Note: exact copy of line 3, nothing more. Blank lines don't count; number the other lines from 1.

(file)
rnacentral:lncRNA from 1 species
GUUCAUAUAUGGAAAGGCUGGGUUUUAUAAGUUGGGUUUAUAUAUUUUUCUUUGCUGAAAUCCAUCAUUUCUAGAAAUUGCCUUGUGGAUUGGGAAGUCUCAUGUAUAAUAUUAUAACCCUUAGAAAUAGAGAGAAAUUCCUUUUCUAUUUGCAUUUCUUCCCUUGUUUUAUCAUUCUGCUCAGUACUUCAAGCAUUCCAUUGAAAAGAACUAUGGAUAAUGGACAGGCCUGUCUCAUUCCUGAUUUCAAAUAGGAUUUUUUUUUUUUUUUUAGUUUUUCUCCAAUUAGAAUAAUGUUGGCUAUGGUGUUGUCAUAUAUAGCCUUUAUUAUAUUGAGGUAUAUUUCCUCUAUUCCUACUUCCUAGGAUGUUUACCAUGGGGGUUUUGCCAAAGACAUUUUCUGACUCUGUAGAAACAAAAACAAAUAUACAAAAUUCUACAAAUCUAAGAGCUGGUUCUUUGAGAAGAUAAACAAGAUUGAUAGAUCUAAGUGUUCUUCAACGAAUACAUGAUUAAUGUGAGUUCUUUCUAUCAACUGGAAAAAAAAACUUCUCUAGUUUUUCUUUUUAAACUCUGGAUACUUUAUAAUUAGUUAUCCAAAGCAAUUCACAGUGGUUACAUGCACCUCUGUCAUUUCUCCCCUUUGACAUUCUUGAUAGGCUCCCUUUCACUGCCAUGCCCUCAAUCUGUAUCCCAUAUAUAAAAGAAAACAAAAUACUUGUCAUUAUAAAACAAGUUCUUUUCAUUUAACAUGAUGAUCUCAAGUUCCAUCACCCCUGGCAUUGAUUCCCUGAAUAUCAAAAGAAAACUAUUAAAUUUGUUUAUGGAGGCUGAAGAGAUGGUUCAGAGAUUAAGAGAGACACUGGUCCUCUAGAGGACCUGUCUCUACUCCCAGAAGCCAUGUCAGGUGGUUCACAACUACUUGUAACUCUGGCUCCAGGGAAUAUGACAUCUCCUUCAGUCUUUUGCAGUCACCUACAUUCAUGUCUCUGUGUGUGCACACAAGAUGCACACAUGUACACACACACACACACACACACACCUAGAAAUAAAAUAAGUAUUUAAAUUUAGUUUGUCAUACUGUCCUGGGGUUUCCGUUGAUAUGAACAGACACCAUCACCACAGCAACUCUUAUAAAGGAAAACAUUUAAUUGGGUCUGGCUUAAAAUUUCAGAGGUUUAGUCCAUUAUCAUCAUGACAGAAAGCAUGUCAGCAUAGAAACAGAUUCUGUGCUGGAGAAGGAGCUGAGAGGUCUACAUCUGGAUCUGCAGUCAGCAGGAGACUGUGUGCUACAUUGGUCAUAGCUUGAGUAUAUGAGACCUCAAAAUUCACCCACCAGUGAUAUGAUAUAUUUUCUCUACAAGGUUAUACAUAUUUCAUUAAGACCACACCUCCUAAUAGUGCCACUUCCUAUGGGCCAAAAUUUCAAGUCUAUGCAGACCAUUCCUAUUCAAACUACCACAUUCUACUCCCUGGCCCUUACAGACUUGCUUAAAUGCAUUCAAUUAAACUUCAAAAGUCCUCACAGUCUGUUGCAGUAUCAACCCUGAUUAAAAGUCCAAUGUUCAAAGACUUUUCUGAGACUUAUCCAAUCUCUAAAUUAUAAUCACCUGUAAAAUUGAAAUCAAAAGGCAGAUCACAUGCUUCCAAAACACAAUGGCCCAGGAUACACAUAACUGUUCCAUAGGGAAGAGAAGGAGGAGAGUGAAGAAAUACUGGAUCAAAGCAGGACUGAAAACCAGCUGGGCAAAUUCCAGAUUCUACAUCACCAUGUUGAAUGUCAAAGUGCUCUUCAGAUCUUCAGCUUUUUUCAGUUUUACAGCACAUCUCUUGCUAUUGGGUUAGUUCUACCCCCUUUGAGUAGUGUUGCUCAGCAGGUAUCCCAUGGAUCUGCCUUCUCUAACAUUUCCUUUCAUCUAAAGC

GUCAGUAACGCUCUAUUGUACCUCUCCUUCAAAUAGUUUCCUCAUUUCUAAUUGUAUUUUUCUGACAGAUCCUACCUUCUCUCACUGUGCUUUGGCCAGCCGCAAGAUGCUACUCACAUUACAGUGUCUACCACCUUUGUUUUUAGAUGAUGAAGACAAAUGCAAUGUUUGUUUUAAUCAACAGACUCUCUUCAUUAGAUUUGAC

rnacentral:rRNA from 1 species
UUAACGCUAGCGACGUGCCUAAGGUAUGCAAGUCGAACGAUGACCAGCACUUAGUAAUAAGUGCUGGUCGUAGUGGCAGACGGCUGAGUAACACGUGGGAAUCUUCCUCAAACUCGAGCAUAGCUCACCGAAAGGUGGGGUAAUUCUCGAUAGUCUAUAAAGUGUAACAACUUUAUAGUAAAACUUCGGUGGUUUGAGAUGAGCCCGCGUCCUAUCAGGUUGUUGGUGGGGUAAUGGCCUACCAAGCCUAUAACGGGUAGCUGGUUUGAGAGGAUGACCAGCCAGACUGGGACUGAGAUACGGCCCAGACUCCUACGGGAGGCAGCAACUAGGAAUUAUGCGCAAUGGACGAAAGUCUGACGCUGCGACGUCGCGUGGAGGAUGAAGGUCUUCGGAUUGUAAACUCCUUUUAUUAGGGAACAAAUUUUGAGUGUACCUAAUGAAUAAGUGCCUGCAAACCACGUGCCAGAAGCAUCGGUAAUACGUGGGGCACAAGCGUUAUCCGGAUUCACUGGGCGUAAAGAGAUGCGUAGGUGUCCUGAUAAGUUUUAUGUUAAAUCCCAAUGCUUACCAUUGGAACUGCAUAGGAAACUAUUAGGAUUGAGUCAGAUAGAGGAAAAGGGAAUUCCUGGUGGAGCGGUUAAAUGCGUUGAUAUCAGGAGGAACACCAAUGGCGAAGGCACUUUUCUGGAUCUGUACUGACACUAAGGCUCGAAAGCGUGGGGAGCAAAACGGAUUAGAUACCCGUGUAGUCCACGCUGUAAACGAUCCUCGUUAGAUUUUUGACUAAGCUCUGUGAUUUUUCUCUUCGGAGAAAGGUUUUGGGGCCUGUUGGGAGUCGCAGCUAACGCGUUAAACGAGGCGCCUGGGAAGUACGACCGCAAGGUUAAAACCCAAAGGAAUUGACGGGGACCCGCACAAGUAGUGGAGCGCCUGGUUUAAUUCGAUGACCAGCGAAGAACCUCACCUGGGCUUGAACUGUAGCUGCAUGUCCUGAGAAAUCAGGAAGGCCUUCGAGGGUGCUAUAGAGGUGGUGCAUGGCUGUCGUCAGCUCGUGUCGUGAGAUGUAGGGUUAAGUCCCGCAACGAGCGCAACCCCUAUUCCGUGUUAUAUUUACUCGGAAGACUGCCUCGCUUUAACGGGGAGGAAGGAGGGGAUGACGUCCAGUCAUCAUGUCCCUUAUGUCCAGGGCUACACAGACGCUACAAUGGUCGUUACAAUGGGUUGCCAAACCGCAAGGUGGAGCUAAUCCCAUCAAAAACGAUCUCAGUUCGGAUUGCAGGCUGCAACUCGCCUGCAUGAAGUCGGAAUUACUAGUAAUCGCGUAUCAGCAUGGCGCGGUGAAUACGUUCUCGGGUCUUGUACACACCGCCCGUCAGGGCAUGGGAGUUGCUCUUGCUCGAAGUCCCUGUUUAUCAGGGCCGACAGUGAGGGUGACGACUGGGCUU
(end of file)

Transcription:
GUCAGUAACGCUCUAUUGUACCUCUCCUUCAAAUAGUUUCCUCAUUUCUAAUUGUAUUUUUCUGACAGAUCCUACCUUCUCUCACUGUGCUUUGGCCAGCCGCAAGAUGCUACUCACAUUACAGUGUCUACCACCUUUGUUUUUAGAUGAUGAAGACAAAUGCAAUGUUUGUUUUAAUCAACAGACUCUCUUCAUUAGAUUUGAC